Almost all professionally created apps use a database. A database allows an app to store complex information and is often stored in tables that look like spreadsheets. For more information about databases check out this Kid’s Encyclopedia Britannica article. Databases are useful for apps that use lots of data (ex: a trivia quiz) or for apps where multiple users can post (ex: a chat app). Thunkable is able to connect to a locally created database (a database that is stored as part of your app) or an AirTable database (a database stored in the cloud). Read more on Thunkable local databases or using an AirTable database with Thunkable.
7. Media DB
If your app is going to store media files such as photos, videos, or MP3s, you must use a media database. Thunkable connects with Cloudinary, a cloud storage service. Using Thunkable blocks one can upload a photo or video to the cloud, very similar to how you upload a photo to Google Drive. For instructions on how to set up a media database check out these Thunkable docs.
Do you want to build an app with a lot of different screens? Check out the navigator templates! For example, you can build an app that has tabs similar to the phone app on your device. (Thunkable guide for tab navigator) Or you can have an app where new screens automatically come with a back button that leads back to a previous screen, called a “stack navigator”. (Thunkable guide for stack navigator.) You can also have an app with a drawer sidebar that appears from the side. (Thunkable guide for drawer navigator.) These navigators enable you to organize all your app’s screens in easy to use menus.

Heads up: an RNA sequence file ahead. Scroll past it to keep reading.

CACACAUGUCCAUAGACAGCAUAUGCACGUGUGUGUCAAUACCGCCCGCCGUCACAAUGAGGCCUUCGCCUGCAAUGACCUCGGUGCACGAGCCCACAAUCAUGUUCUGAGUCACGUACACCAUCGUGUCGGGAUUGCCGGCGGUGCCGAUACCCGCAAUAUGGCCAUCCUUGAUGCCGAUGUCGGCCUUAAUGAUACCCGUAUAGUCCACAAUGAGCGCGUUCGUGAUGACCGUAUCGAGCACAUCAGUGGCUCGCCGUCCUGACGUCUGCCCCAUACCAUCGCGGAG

9. List and Data Viewer
Another way to organize your app is to display your data as a list or grid. The list viewer will display a list similar to your list of contacts in the Contacts app. The grid viewer will display a grid similar to the grid of photos you see in a photo app. These data viewers can read data directly from a database. There’s no need to create a component for each list item or square in the grid! Read up on Thunkable’s guide to the list viewer or the grid viewer.
One way to simplify your app is to use an alert instead of navigating to a new screen. For example, instead of having a game over screen you can have a simple alert that says the game is over and displays your score. You can also program these alerts to react differently depending on which button is pressed. Explore more about Thunkable alerts.
Get started building your own app
The possibilities are endless with these advanced suggestions! If you want some more guidance for how to bring your Thunkable apps to the next level, feel free to look through Thunkable’s sample projects or check out the Thunkable community. If you want some additional guidance check out Create & Learn’s Thunkable courses!
We offer three levels (12 classes) of instruction for Thunkable that cover many of these advanced features in our Mobile Coding for Apps and Games program. Get started with the best computer classes today, and begin your Thunkable learning adventure! These classes can be taken all year long, and make for a great after school activity, or weekend learning. There are also fun online summer camps and virtual winter break camps that can help your child learn computer science as well.
Written by Brandon Lim, a Create & Learn instructor and curriculum developer. Brandon also works full-time as a software engineer and holds a BS in Computer Science from Johns Hopkins University. Brandon has experience teaching coding to students of all ages from elementary school to college and is excited to share his deep knowledge and relentless passion for coding with the next generation of technology leaders.